Academic journal article Humanitas

Imperialism Destroys the Constitutional Republic

Academic journal article Humanitas

Imperialism Destroys the Constitutional Republic

Article excerpt

Because of its sober and realistic assuptions about human nature and the human condition, the American republic of the Constitutuion of 1789 is not designed to do the big things typical of empires. It is especially not designed to do that which has most characterized empire: conquer. When America does pursue empire, it undermines the very fabric of its constitutional government. Imperial expansion pulls at the threads of constitutionalism, ripping away the supports of limited government: separated powers, federalism, and checks and balances. More importantly, the quest for empire, even in the modern ideological form of spreading democracy, liberty, and equality around the globe, diverts the American imagination from the center of constitutional politics and life. The unwritten constitution, the cultural foundation for constitutional government, ceases to concentrate its attention on what is primary to a modest republic: the soul, the family, the neighborhood, the school, the church, the community. It directs the imagination to a distant abstract world in which virtue becomes syn-onymous with global humanitarian crusading. It makes a spectacle of politics. The place of modest republicanism, by contrast, is local; its scale is proportionate to its modest objectives; it is threatened by the vulgarity of empire, which poisons the sensibilities of those who struggle to possess republican virtue.

To follow the path of empire is to transofm american identity and self-understanding; it is to transform the constitutional regime itself. To boorw the language of Walter McDougall, in doing so, America ceases to be a promised land and becomes a crusader state. (1)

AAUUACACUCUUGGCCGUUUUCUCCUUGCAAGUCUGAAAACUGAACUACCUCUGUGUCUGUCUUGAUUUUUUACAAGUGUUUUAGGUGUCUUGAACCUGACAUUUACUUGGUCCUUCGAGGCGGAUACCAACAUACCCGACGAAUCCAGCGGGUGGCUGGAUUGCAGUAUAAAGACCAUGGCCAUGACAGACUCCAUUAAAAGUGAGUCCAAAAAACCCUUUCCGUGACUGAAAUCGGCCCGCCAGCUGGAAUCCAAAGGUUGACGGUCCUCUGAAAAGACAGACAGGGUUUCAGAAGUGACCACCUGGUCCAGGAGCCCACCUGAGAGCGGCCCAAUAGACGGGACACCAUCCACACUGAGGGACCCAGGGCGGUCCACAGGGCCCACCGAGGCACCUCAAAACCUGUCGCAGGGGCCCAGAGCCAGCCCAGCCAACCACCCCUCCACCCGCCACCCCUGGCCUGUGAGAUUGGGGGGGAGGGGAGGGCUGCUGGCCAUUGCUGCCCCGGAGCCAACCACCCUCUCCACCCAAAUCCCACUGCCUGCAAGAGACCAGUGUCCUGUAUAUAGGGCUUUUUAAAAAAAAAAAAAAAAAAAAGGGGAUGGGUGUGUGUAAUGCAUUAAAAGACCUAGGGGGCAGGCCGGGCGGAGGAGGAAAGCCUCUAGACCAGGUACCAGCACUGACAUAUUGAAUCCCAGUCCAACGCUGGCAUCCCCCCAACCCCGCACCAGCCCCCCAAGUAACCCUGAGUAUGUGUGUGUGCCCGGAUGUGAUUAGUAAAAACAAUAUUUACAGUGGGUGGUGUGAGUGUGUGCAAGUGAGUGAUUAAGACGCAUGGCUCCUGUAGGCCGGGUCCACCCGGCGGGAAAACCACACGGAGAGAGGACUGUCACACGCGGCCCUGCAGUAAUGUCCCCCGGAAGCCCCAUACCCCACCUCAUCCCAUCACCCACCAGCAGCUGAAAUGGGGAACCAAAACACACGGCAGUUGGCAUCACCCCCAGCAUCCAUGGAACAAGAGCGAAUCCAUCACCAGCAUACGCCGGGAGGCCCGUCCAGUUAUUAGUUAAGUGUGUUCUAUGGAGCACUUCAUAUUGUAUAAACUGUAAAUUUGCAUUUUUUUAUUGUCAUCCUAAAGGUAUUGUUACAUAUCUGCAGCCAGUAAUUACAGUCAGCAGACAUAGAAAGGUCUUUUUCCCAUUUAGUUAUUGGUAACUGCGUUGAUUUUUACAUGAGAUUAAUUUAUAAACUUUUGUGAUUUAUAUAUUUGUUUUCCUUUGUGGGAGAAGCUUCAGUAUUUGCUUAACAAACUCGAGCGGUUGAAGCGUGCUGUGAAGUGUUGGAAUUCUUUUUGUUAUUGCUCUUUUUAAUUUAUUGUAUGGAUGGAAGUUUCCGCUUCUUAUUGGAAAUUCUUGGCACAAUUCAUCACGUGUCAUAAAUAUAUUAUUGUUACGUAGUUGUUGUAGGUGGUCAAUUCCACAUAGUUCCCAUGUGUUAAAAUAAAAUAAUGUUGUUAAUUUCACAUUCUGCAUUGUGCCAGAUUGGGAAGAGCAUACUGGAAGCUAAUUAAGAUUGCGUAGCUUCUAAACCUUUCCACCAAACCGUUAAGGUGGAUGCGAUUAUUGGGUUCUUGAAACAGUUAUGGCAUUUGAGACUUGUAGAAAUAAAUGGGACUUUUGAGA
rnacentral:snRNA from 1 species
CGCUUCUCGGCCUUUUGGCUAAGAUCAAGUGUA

American crusaders like Woodrow Wilson and Herbert Croly recognized the inadequacy of the Framers' constitutional system for the work of political religion. They insisted that the cumbersome American constitutional system be reformed to empower government for the chalenge of social and global transformation. Ironically, the more successful the Progressives have been in centralizing power, the less great by traditional standards America has become. The Framers did not design the American republic for imperial greatness, but when it functions as intended, it produces something even greater than empire: a free society with limited government and the rule of law.

But there is more to the special kind of American greatness bequeathed by the Framers. Due in large part to their variegated cir cumstances, Americans have been sensitive to the value of human diversity, appreciating that it may play a part in pursuing universality. The American motto, e pluribus unum, and the federal and decentralized character of American political institutions testify to this aspect of the American genealogy and character. In America, local communities and groups have been free, within limits, to find their own way to the good life. The kind of uniformity that stifles diversity, more common to unitary systems of government, is incompatible with America's historical past. Unity is found through diversity, because there is more than one road to the common human ground. (2)

From the early days of America's formation, a contrary tendency has been present in the American imagination, one that looks disparagingly upon decentralized power and a multiplicity of communities. This view pushes toward uniformity as represented in Rousseau's notion of the general will. It insists on a monistic, allegedly virtuous uniformity that divides society and world into stark categories of good and evil. According to this view, Americanism is the best possible way of life for all people. (3) A recent form of this creed is reflected in the idea of Francis Fukuyama that history has "ended" in the sense that it is inconceivable that any society could surpass the American/Western achievement. (4). This ideology asks: Who wouldn't welcome American democracy, liberty, and equality? Isn't it obvious that so many people in the world live lives that are inferior to those of Americans? …

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